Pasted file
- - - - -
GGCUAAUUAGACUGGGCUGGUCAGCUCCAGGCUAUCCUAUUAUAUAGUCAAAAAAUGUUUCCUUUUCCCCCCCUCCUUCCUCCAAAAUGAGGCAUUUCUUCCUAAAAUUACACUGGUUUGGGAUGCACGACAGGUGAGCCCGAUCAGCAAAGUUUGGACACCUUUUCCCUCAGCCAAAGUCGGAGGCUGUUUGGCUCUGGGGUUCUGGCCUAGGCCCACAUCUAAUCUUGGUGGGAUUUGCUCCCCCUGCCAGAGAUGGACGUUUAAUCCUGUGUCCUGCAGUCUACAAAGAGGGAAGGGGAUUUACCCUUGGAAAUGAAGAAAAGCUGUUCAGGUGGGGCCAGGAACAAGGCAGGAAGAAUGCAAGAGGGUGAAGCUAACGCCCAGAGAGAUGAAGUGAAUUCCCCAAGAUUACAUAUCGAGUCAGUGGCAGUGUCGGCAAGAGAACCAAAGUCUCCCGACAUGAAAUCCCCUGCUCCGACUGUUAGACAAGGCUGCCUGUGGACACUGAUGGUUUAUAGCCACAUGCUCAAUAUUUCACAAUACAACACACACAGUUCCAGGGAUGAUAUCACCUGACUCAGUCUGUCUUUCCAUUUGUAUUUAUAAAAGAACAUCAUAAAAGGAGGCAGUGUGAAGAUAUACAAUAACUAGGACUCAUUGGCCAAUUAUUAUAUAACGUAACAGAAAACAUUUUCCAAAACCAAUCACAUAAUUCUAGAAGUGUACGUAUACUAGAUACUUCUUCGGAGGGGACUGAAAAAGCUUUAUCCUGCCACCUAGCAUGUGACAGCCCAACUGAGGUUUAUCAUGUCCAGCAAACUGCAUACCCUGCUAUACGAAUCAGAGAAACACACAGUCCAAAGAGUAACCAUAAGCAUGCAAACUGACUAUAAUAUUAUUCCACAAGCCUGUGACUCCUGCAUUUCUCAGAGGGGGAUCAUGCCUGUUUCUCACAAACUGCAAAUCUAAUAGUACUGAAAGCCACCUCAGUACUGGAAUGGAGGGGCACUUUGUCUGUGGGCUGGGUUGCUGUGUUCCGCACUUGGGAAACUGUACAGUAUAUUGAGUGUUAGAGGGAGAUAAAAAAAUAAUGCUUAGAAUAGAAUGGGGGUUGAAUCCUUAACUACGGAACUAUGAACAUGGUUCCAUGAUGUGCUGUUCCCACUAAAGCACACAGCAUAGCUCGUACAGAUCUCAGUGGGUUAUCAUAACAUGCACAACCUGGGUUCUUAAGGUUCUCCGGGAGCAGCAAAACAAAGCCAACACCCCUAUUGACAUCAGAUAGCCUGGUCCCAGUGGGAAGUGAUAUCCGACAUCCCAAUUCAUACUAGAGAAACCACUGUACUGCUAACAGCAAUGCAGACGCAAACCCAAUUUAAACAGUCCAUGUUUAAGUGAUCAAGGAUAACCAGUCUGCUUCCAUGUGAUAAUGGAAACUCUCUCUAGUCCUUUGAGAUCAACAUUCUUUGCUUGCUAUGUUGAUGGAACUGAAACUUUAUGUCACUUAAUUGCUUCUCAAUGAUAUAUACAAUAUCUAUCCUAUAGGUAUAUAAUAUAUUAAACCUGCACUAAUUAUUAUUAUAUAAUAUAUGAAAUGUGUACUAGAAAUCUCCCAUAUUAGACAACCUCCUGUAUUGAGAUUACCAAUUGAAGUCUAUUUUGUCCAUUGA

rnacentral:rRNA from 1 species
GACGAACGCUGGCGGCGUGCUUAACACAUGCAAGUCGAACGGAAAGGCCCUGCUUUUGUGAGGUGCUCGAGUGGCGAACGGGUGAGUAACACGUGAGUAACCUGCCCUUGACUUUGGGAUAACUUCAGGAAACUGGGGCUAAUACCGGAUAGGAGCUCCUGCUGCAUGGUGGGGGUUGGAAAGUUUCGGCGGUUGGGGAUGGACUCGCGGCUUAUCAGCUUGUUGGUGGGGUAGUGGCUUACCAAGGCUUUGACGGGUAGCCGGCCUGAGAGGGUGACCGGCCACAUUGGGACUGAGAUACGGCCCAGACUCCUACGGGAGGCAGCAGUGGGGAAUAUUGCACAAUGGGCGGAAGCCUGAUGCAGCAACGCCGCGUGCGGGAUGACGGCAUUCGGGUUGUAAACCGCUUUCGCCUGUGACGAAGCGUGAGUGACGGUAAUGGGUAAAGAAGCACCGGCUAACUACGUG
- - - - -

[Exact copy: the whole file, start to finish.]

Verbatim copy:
GGCUAAUUAGACUGGGCUGGUCAGCUCCAGGCUAUCCUAUUAUAUAGUCAAAAAAUGUUUCCUUUUCCCCCCCUCCUUCCUCCAAAAUGAGGCAUUUCUUCCUAAAAUUACACUGGUUUGGGAUGCACGACAGGUGAGCCCGAUCAGCAAAGUUUGGACACCUUUUCCCUCAGCCAAAGUCGGAGGCUGUUUGGCUCUGGGGUUCUGGCCUAGGCCCACAUCUAAUCUUGGUGGGAUUUGCUCCCCCUGCCAGAGAUGGACGUUUAAUCCUGUGUCCUGCAGUCUACAAAGAGGGAAGGGGAUUUACCCUUGGAAAUGAAGAAAAGCUGUUCAGGUGGGGCCAGGAACAAGGCAGGAAGAAUGCAAGAGGGUGAAGCUAACGCCCAGAGAGAUGAAGUGAAUUCCCCAAGAUUACAUAUCGAGUCAGUGGCAGUGUCGGCAAGAGAACCAAAGUCUCCCGACAUGAAAUCCCCUGCUCCGACUGUUAGACAAGGCUGCCUGUGGACACUGAUGGUUUAUAGCCACAUGCUCAAUAUUUCACAAUACAACACACACAGUUCCAGGGAUGAUAUCACCUGACUCAGUCUGUCUUUCCAUUUGUAUUUAUAAAAGAACAUCAUAAAAGGAGGCAGUGUGAAGAUAUACAAUAACUAGGACUCAUUGGCCAAUUAUUAUAUAACGUAACAGAAAACAUUUUCCAAAACCAAUCACAUAAUUCUAGAAGUGUACGUAUACUAGAUACUUCUUCGGAGGGGACUGAAAAAGCUUUAUCCUGCCACCUAGCAUGUGACAGCCCAACUGAGGUUUAUCAUGUCCAGCAAACUGCAUACCCUGCUAUACGAAUCAGAGAAACACACAGUCCAAAGAGUAACCAUAAGCAUGCAAACUGACUAUAAUAUUAUUCCACAAGCCUGUGACUCCUGCAUUUCUCAGAGGGGGAUCAUGCCUGUUUCUCACAAACUGCAAAUCUAAUAGUACUGAAAGCCACCUCAGUACUGGAAUGGAGGGGCACUUUGUCUGUGGGCUGGGUUGCUGUGUUCCGCACUUGGGAAACUGUACAGUAUAUUGAGUGUUAGAGGGAGAUAAAAAAAUAAUGCUUAGAAUAGAAUGGGGGUUGAAUCCUUAACUACGGAACUAUGAACAUGGUUCCAUGAUGUGCUGUUCCCACUAAAGCACACAGCAUAGCUCGUACAGAUCUCAGUGGGUUAUCAUAACAUGCACAACCUGGGUUCUUAAGGUUCUCCGGGAGCAGCAAAACAAAGCCAACACCCCUAUUGACAUCAGAUAGCCUGGUCCCAGUGGGAAGUGAUAUCCGACAUCCCAAUUCAUACUAGAGAAACCACUGUACUGCUAACAGCAAUGCAGACGCAAACCCAAUUUAAACAGUCCAUGUUUAAGUGAUCAAGGAUAACCAGUCUGCUUCCAUGUGAUAAUGGAAACUCUCUCUAGUCCUUUGAGAUCAACAUUCUUUGCUUGCUAUGUUGAUGGAACUGAAACUUUAUGUCACUUAAUUGCUUCUCAAUGAUAUAUACAAUAUCUAUCCUAUAGGUAUAUAAUAUAUUAAACCUGCACUAAUUAUUAUUAUAUAAUAUAUGAAAUGUGUACUAGAAAUCUCCCAUAUUAGACAACCUCCUGUAUUGAGAUUACCAAUUGAAGUCUAUUUUGUCCAUUGA

rnacentral:rRNA from 1 species
GACGAACGCUGGCGGCGUGCUUAACACAUGCAAGUCGAACGGAAAGGCCCUGCUUUUGUGAGGUGCUCGAGUGGCGAACGGGUGAGUAACACGUGAGUAACCUGCCCUUGACUUUGGGAUAACUUCAGGAAACUGGGGCUAAUACCGGAUAGGAGCUCCUGCUGCAUGGUGGGGGUUGGAAAGUUUCGGCGGUUGGGGAUGGACUCGCGGCUUAUCAGCUUGUUGGUGGGGUAGUGGCUUACCAAGGCUUUGACGGGUAGCCGGCCUGAGAGGGUGACCGGCCACAUUGGGACUGAGAUACGGCCCAGACUCCUACGGGAGGCAGCAGUGGGGAAUAUUGCACAAUGGGCGGAAGCCUGAUGCAGCAACGCCGCGUGCGGGAUGACGGCAUUCGGGUUGUAAACCGCUUUCGCCUGUGACGAAGCGUGAGUGACGGUAAUGGGUAAAGAAGCACCGGCUAACUACGUG